Public Policy

Social science disciplines concerned with human development have a long, if turbulent, history of interaction with public policy. The origins of current day relations between developmental science and public policy are usually traced back to the reform movements of the late 1800s and early 1900s focused on the urban poor, public health, labor conditions, and juvenile crime. Those seeking social reform explicitly harnessed the evidence provided by those seeking to understand human development for the purpose of improving lives and, thereby, improving society. Their efforts led to the first laws governing child labor, maternal and child health, and compulsory education, as well as to social institutions such as public health and child guidance clinics and the juvenile courts. Since this time, the relationship between the scientific study of human development and public policy has experienced periods of retrenchment initiated by, for example, the emergence of positivist social science during the 1920s, and periods of intensive collaboration led in by, for example, the “war on poverty” of the 1960s and, more recently, education, juvenile justice, and welfare reform. This tension between social science as an arms-length, objective endeavor and as an explicit tool of social reform remains an abiding dilemma facing the human development and public policy enterprise.

What Is Public Policy?

Public policy addresses legal, legislative, and administrative decision making at all levels of government. The range and complexity of the activities this encompasses have confounded efforts to place clear boundaries around the domain of public policy. It can concern a vote in the U.S. Congress or a city council, a court decision, the issuance of regulations guiding implementation of a law, the appointment of an agency director, or an Executive Order. The nature of the human policy issues in question include the familiar domains of health and nutrition, education, labor, social security, and welfare, but also encompass transportation (e.g., seat belt and maximum speed laws), taxation (e.g., child tax credit), agricultural (e.g., use of pesticides), immigration (e.g., family reunification), and defense (e.g., military child care) issues.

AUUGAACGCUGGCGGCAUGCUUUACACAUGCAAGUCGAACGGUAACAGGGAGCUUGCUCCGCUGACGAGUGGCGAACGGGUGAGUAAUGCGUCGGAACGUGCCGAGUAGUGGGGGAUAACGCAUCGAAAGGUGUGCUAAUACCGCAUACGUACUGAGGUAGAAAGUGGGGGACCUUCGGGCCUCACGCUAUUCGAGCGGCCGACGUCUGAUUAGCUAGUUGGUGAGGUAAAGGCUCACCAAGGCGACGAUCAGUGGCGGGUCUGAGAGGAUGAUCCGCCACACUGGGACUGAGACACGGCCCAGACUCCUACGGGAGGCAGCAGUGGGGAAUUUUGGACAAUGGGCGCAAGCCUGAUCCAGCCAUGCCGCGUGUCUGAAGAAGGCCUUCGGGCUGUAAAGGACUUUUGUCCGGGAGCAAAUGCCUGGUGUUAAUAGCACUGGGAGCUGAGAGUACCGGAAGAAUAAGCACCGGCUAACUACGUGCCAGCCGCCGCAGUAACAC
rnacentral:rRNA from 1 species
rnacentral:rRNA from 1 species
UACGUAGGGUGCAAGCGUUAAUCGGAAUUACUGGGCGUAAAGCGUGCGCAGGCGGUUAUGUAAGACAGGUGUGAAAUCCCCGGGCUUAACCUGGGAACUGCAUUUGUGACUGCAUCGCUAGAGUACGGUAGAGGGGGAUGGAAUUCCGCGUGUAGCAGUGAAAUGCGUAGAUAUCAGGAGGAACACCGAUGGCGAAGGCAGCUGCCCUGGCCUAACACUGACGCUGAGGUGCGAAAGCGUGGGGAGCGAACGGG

Rational models trace the policy process from the transformation of a social problem into a policy issue through to the implementation and evaluation of an enacted policy. In practice, it is difficult to portray the complex dynamics of public policy making. Public policies are not “made” at some discernable place and time, but rather are the product of numerous decisions fashioned incrementally over a prolonged period of time. The process inevitably involves a heterogeneous, largely uncoordinated, and vast number of participants with differing roles, agendas, values, and capacities for influence and thus centers on resolving conflicts of interest. Policies and laws are shaped by a variety of conditions, events, and actors that are intricately, but not logically, interwoven. As a result, rational  models  must  be  complemented  by  portrayals that capture the unpredictability, fragmentation, contentiousness, and multiple influences that bear on the policy process.

Science-Policy Intersection

As many have pointed out, this characterization of  the  policy  process  contrasts  sharply  with  basic elements of the scientific process. It has been noted, for example, that science seeks truth, legal procedures seek justice, and legislative policy seeks allies. The scientific method attempts to screen out the influence of personal values, whereas the policy process explicitly contends with competing values. Science has led to views of human behavior as multiply determined; policy and legal debates tend to hold individuals responsible for their actions. Rules of evidence also vary dramatically across these differing arenas. Yet, science and policy are both conservative, incremental processes. They attempt to be cumulative insofar as major questions and issues are revisited over time in light of new developments. Policies, like scientific research, are based on hypotheses about human behavior and the actions— interventions, tax incentives, sanctions—that will affect it. Thus, despite a measure of mutual skepticism among those who function in these two realms, there is also substantial common ground.